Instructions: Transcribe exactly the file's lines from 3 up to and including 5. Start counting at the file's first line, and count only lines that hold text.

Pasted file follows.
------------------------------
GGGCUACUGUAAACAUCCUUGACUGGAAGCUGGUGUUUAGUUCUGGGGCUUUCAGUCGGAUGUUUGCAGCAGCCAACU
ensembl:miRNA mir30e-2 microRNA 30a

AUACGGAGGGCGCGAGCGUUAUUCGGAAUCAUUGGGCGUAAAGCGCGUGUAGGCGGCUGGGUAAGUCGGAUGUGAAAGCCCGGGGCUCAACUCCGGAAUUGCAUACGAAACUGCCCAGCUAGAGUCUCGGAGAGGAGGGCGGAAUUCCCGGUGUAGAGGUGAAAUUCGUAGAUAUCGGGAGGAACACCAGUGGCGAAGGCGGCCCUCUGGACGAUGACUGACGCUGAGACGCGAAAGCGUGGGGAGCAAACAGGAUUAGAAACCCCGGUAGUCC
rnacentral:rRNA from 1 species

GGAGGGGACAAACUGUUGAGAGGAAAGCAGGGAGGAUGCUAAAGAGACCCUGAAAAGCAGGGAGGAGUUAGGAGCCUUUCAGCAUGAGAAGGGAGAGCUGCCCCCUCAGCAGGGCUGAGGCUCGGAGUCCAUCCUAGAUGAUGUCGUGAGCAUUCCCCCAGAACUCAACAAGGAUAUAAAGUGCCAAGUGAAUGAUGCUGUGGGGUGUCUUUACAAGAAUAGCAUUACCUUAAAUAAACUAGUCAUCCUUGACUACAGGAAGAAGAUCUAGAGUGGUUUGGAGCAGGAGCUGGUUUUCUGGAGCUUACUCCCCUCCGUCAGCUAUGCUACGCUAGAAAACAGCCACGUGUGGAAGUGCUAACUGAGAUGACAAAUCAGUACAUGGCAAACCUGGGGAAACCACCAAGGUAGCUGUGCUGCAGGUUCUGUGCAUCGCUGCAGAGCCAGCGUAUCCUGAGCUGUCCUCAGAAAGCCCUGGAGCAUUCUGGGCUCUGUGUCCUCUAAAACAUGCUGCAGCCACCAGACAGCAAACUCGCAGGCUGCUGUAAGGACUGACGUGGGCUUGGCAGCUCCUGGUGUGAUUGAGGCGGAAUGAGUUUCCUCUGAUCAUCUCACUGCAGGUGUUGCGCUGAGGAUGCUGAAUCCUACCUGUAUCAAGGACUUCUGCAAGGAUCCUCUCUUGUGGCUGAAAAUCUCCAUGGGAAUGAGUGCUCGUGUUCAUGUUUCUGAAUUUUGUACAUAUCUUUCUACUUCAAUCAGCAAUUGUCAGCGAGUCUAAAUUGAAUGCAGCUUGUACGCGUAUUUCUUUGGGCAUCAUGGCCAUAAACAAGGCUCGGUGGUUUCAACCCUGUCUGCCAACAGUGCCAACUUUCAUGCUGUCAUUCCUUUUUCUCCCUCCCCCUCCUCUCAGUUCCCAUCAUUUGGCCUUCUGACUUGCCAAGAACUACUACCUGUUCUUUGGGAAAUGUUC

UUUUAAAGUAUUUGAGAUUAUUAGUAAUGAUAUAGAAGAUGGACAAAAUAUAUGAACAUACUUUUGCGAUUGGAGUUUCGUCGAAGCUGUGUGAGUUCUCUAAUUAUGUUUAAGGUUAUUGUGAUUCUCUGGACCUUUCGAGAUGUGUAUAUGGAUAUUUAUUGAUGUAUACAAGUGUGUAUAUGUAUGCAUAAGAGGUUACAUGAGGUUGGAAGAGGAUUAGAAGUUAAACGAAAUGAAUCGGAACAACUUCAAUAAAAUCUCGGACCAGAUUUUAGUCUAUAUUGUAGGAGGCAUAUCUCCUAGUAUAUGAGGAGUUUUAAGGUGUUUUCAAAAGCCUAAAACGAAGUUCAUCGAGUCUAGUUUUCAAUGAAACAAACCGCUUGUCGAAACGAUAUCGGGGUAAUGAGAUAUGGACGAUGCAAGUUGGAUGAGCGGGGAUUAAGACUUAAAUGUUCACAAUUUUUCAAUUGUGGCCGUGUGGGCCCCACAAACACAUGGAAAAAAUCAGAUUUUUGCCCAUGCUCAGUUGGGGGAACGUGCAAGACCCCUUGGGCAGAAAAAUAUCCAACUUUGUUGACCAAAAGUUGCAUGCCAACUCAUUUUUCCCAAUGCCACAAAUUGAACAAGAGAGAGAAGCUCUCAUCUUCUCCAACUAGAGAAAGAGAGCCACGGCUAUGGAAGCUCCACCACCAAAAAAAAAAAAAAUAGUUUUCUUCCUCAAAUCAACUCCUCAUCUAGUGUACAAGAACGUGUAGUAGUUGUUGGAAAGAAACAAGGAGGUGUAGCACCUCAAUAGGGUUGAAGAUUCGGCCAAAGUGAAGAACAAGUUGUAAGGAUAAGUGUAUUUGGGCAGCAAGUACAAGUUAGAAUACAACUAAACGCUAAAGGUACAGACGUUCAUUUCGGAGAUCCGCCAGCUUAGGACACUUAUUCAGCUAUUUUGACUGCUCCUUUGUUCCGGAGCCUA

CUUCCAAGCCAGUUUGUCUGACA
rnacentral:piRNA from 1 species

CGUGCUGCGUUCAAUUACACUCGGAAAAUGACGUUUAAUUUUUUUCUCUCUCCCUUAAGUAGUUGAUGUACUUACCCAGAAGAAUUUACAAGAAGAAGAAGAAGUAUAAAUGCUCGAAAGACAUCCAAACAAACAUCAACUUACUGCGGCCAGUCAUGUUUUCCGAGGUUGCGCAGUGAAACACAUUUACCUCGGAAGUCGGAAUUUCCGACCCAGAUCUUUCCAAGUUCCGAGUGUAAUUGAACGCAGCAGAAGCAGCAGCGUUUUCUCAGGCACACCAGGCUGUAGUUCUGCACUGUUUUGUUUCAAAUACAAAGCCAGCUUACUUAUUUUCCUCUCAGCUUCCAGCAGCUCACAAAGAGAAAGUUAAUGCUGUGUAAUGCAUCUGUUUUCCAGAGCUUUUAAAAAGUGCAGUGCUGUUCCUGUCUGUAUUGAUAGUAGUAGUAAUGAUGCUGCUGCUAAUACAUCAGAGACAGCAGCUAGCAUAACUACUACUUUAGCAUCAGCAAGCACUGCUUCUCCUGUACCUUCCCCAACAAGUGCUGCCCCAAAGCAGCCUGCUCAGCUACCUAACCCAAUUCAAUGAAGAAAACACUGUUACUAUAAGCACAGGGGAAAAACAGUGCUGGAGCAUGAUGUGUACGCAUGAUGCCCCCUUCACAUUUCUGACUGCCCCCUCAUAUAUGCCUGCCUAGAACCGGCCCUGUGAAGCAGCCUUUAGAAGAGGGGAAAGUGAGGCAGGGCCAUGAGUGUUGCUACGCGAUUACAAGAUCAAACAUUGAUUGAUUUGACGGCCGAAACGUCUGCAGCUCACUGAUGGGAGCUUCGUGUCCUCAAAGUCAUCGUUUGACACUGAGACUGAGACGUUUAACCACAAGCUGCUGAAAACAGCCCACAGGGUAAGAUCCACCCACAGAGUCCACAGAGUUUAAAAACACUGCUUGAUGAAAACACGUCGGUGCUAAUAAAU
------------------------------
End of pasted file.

AUACGGAGGGCGCGAGCGUUAUUCGGAAUCAUUGGGCGUAAAGCGCGUGUAGGCGGCUGGGUAAGUCGGAUGUGAAAGCCCGGGGCUCAACUCCGGAAUUGCAUACGAAACUGCCCAGCUAGAGUCUCGGAGAGGAGGGCGGAAUUCCCGGUGUAGAGGUGAAAUUCGUAGAUAUCGGGAGGAACACCAGUGGCGAAGGCGGCCCUCUGGACGAUGACUGACGCUGAGACGCGAAAGCGUGGGGAGCAAACAGGAUUAGAAACCCCGGUAGUCC
rnacentral:rRNA from 1 species

GGAGGGGACAAACUGUUGAGAGGAAAGCAGGGAGGAUGCUAAAGAGACCCUGAAAAGCAGGGAGGAGUUAGGAGCCUUUCAGCAUGAGAAGGGAGAGCUGCCCCCUCAGCAGGGCUGAGGCUCGGAGUCCAUCCUAGAUGAUGUCGUGAGCAUUCCCCCAGAACUCAACAAGGAUAUAAAGUGCCAAGUGAAUGAUGCUGUGGGGUGUCUUUACAAGAAUAGCAUUACCUUAAAUAAACUAGUCAUCCUUGACUACAGGAAGAAGAUCUAGAGUGGUUUGGAGCAGGAGCUGGUUUUCUGGAGCUUACUCCCCUCCGUCAGCUAUGCUACGCUAGAAAACAGCCACGUGUGGAAGUGCUAACUGAGAUGACAAAUCAGUACAUGGCAAACCUGGGGAAACCACCAAGGUAGCUGUGCUGCAGGUUCUGUGCAUCGCUGCAGAGCCAGCGUAUCCUGAGCUGUCCUCAGAAAGCCCUGGAGCAUUCUGGGCUCUGUGUCCUCUAAAACAUGCUGCAGCCACCAGACAGCAAACUCGCAGGCUGCUGUAAGGACUGACGUGGGCUUGGCAGCUCCUGGUGUGAUUGAGGCGGAAUGAGUUUCCUCUGAUCAUCUCACUGCAGGUGUUGCGCUGAGGAUGCUGAAUCCUACCUGUAUCAAGGACUUCUGCAAGGAUCCUCUCUUGUGGCUGAAAAUCUCCAUGGGAAUGAGUGCUCGUGUUCAUGUUUCUGAAUUUUGUACAUAUCUUUCUACUUCAAUCAGCAAUUGUCAGCGAGUCUAAAUUGAAUGCAGCUUGUACGCGUAUUUCUUUGGGCAUCAUGGCCAUAAACAAGGCUCGGUGGUUUCAACCCUGUCUGCCAACAGUGCCAACUUUCAUGCUGUCAUUCCUUUUUCUCCCUCCCCCUCCUCUCAGUUCCCAUCAUUUGGCCUUCUGACUUGCCAAGAACUACUACCUGUUCUUUGGGAAAUGUUC